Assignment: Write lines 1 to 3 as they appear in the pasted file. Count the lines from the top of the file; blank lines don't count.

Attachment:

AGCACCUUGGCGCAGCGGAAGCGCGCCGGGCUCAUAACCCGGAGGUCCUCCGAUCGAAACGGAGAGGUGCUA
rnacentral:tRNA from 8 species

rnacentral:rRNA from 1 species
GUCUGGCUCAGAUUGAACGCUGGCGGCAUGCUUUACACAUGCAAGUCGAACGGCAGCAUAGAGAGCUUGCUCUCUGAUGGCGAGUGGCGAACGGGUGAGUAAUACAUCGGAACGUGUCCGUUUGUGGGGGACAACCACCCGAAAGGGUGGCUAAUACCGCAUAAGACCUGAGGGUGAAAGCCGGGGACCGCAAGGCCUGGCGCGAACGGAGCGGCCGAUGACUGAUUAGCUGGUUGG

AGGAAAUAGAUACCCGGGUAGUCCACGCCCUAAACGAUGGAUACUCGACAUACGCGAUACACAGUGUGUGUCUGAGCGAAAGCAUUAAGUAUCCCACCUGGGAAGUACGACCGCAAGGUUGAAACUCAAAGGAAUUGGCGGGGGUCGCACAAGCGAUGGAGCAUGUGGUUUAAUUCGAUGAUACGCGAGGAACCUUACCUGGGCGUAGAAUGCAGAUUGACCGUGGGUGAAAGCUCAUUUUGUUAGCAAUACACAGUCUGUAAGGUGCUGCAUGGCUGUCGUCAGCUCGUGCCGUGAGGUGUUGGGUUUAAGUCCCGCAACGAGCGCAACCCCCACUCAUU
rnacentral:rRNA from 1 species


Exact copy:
AGCACCUUGGCGCAGCGGAAGCGCGCCGGGCUCAUAACCCGGAGGUCCUCCGAUCGAAACGGAGAGGUGCUA
rnacentral:tRNA from 8 species

rnacentral:rRNA from 1 species